US Airways

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The US Airways logo
The US Airways logo
Missing image
A US Airways 737 at Chicago O'Hare

US Airways Template:Airline codes is an airline based in Arlington, Virginia that is owned by US Airways Group Inc.. It is one of the largest airlines in the United States, with a fleet of 282 aircraft serving 89 destinations in North America, Central America, the Caribbean, and Europe.

US Airways operates hubs in Charlotte and Philadelphia, and is opening a new inter-American connecting hub in Fort Lauderdale in February 2005. [1] ( Its other focus airports are Pittsburgh, New York LaGuardia, Washington National, and Boston. The airline became the 15th member of the Star Alliance on May 4, 2004. [2] (

Commuter service is offered by US Airways Express, a service operated by contract and subsidiary airline companies, and US Airways Shuttle, which provides hourly service between Northeastern hubs in competition with Delta Air Lines' Delta Shuttle.

Comments on the proposed merger are listed in History.


US Airways traces its history to All American Aviation, a company founded in the Ohio River valley in 1939. In 1949, the company was renamed All American Airways as it switched from airmail to passenger service. The company was again renamed, to Allegheny Airlines, in 1952.

Allegheny expanded progressively, introducing the DC-9 in 1966 and absorbing Lake Central Airlines in 1968 and Mohawk Airlines in 1972 to become one of the largest carriers in the northeastern US.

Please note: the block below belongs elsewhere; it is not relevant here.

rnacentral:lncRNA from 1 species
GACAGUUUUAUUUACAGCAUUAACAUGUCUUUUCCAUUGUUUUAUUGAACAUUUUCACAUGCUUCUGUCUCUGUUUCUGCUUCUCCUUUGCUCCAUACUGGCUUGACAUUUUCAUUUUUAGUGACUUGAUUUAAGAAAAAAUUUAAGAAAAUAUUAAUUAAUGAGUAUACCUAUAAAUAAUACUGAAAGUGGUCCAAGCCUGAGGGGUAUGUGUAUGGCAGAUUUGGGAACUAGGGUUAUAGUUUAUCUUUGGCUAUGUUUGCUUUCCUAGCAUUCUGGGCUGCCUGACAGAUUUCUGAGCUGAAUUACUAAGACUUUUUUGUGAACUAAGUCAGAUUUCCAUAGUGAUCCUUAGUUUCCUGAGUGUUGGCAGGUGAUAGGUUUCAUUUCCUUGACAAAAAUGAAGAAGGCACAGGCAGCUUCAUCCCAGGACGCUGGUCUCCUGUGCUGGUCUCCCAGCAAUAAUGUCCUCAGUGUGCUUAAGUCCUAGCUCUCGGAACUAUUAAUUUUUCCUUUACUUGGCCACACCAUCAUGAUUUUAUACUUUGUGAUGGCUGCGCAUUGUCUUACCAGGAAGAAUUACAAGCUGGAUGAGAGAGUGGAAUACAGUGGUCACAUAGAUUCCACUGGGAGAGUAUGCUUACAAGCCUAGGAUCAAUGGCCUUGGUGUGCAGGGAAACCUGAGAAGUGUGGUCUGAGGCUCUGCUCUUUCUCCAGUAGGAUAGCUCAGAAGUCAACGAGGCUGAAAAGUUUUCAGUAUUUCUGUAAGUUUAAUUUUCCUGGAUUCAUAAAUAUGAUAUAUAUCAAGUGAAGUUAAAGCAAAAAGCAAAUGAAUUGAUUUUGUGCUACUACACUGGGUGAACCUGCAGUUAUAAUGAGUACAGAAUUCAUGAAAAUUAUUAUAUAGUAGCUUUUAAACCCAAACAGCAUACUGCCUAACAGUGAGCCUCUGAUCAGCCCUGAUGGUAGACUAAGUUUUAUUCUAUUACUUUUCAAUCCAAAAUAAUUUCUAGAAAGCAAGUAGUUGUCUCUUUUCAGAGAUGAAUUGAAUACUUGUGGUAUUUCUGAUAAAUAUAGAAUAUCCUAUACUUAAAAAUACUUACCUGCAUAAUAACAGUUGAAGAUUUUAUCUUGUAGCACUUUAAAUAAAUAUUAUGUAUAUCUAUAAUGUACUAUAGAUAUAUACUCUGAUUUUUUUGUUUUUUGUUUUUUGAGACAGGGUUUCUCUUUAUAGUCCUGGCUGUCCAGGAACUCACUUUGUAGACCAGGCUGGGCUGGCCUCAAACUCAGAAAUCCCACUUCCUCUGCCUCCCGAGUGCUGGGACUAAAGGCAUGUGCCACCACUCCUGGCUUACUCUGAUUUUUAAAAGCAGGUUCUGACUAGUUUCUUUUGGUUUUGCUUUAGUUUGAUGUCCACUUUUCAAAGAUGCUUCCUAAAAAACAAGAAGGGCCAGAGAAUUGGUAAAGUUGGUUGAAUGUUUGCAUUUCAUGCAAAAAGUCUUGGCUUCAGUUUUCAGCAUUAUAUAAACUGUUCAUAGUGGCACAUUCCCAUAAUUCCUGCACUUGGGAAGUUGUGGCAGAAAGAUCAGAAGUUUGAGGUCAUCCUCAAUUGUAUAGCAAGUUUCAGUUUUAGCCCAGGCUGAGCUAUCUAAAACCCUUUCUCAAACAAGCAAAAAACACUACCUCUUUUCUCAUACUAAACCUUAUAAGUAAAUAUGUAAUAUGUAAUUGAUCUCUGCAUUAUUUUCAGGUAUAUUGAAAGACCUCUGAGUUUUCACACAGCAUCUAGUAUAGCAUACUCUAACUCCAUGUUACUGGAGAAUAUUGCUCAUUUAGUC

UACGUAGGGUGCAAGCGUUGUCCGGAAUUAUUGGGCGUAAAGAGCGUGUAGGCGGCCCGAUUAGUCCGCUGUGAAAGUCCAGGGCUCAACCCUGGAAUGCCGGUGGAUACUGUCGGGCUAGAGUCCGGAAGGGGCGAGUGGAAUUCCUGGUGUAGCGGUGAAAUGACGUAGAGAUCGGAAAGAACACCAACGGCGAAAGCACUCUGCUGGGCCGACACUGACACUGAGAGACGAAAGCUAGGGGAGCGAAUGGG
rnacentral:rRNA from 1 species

Allegheny changed its name to USAir in 1979 following the passage of the Airline Deregulation Act the previous year, which allowed the airline to expand its route network to the southern US. In the early 1980s, its routes in the Northeast were fed by Ransome Airlines.

USAir expanded dramatically in 1987, when it purchased San Diego-based Pacific Southwest Airlines and Winston-Salem, North Carolina-based Piedmont Airlines. The mergers gave the airline hubs in Baltimore and Charlotte, as well as routes to the West Coast, and Piedmont's transatlantic service to London Gatwick Airport. The Piedmont merger, when it was completed in 1989, became the largest merger in airline history.

In the early 1990s, USAir expanded its service to Europe with new flights to London, Paris, and Frankfurt from its three main hubs. The company formed new partnerships, marketing the Trump Shuttle as the "USAir Shuttle" and accepting a large investment from British Airways that started one of the first transatlantic airline alliances. It also invested heavily in a terminal at its hub at Pittsburgh International Airport.

In 1996, USAir closed its relationship with BA and announced its rebranding as US Airways. It expanded its flights to Europe through the end of the decade, and bought out Trump Shuttle in 1998. In the same year it introduced a single-class service known as Metrojet, which attempted to compete with low-cost carriers expanding into the East.

Although the airline had returned to profitability in the mid-1990s, its route network's concentration in the U.S. Northeast and high operating costs prompted calls to merge with another airline. On May 24, 2000 US Airways announced plans to be acquired by United Airlines, then the world's largest, for $4.3 billion. The complex deal drew immediate scorn from labor unions, consumer advocates, and antitrust regulators, however. Relations soured, and with both airlines losing money and the deal all but certain to be blocked by the government, United withdrew its purchase offer on July 27, 2001.